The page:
BP Seals One of Three Leaks

oil slick
NASA satellite image acquired May 4, 2010. Two weeks after the April 20 explosion at the Deepwater Horizon rig in the Gulf of Mexico, an oil slick lingered not far from the Mississippi Delta. On May 4, 2010, the Moderate Resolution Imaging Spectroradiometer (MODIS) on NASA’s Aqua satellite captured this natural-color image of the oil slick. The slick appears as an uneven gray shape immediately north of a bank of clouds. Sunlight bouncing off the ocean surface gives the oil slick a mirror-like reflection easily detected by satellite sensors. Although the oil visible in this image appears fairly distant from the coastline, NatureNews reported that the western edge of the slick had been brushing up against the Mississippi Delta since April 30. Model predictions put the oil slick near the coast of Louisiana by May 4 or 5, but changing winds pushed the oil farther away from land on May 4. Ecologists still worried, however, that the oil might drift into the path of the Loop Current, which carries warm water from the Yucatán Peninsula across the Gulf of Mexico and toward Florida. The current had the potential to spread oil to the shores to Mississippi, Alabama, the east coast of Florida, and the Florida Keys. The Pentagon approved the deployment of as many as 17,500 National Guard soldiers to assist with cleanup efforts, according to the Associated Press. Meanwhile, well operators considered drilling a relief well—a diagonal well intersecting the original that could be filled with mud or concrete to block the oil. NASA image by Jeff Schmaltz, MODIS Rapid Response Team at NASA GSFC. Caption by Michon Scott. Instrument: Terra - MODIS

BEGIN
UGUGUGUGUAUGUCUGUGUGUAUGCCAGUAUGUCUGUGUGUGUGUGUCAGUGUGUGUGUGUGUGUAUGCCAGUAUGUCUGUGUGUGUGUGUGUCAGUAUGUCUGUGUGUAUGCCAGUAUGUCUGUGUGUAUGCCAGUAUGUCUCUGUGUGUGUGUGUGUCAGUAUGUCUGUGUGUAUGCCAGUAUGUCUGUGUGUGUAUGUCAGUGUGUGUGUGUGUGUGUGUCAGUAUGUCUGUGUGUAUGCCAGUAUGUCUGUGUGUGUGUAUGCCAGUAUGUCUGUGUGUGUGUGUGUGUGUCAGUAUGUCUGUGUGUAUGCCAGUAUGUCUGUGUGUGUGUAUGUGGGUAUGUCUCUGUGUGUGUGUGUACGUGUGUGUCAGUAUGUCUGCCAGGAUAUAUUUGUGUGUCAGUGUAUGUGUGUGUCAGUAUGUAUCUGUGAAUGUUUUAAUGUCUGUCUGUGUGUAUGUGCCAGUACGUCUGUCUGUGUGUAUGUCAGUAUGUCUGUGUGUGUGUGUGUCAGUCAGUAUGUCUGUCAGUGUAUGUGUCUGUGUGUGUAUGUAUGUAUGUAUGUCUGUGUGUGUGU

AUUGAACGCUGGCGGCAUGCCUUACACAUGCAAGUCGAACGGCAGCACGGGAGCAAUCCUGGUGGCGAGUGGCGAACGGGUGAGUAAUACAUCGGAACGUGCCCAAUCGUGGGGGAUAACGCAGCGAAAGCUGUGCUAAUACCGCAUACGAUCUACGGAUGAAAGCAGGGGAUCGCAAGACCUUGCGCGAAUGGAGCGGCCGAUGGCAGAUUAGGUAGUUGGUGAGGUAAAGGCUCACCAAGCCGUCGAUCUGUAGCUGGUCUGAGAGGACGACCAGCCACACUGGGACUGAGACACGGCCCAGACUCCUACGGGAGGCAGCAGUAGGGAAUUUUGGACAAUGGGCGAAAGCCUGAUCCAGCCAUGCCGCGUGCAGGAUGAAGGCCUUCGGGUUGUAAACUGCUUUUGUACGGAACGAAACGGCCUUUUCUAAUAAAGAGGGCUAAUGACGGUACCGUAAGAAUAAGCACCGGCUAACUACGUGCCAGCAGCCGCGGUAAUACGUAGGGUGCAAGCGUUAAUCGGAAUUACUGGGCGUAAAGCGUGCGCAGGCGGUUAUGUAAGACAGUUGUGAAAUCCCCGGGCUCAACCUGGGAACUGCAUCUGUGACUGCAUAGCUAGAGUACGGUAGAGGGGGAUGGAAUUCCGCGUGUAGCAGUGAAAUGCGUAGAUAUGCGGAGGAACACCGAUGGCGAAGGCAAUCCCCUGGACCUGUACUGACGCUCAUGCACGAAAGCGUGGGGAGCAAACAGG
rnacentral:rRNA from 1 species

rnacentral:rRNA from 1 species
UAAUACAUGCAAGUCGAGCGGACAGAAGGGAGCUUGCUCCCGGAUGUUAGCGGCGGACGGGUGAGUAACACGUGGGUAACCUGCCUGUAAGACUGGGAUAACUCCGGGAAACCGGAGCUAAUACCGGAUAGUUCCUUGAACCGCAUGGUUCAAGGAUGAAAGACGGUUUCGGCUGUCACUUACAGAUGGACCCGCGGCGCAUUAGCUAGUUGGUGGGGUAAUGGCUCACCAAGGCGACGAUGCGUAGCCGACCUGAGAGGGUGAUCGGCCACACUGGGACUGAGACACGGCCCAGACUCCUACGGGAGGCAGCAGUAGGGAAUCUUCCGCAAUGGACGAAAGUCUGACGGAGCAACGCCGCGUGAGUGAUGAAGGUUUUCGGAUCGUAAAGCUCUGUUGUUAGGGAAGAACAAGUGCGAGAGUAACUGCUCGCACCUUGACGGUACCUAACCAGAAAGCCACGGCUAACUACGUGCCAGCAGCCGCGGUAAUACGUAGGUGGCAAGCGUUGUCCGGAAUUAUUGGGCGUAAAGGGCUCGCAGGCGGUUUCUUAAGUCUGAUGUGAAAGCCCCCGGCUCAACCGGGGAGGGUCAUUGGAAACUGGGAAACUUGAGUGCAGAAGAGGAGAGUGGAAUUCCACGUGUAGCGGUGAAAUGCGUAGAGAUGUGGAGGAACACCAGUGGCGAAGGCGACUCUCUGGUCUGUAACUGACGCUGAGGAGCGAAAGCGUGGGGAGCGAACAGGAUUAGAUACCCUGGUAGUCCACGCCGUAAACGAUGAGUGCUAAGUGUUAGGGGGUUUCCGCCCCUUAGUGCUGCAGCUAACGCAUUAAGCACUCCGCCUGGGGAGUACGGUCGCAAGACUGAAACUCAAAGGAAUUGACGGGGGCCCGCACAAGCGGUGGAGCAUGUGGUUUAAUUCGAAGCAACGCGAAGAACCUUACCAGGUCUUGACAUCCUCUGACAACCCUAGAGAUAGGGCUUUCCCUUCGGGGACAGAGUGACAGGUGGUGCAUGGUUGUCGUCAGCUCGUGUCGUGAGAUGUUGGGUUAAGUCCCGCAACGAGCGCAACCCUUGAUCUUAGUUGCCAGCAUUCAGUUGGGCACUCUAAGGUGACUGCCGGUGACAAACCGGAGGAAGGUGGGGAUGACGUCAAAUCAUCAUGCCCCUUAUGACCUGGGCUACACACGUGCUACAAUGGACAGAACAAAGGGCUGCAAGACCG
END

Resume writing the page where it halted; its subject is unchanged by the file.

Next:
BP has sealed one of the three leaks spewing oil into the Gulf of Mexico, according to the New York Times. It doesn't fix the problem - and apparently doesn't do much to help - but at least it's a step.

The efforts were made possible due to the lack of rough waters and weather, which have hampered containment.

    "Submersible robots, controlled remotely from a ship on the surface,were able to place a specially designed valve over the end of a leakingdrill pipe lying on the sea floor in water about 5,000 feet deep," the Times said.

Unfortunately, most of the estimated 210,000 gallons released each day is coming from a different leak, one of two remaining. BP will now focus their efforts on the major leak. The company is reportedly towing a 98-ton containment structure into the Gulf. That structure will be lowered over the leak, allowing BP to pump the oil up to a rig on the Gulf surface. That's the way it will work in theory, anyways. Here's hoping it's a success.

-- Jonah

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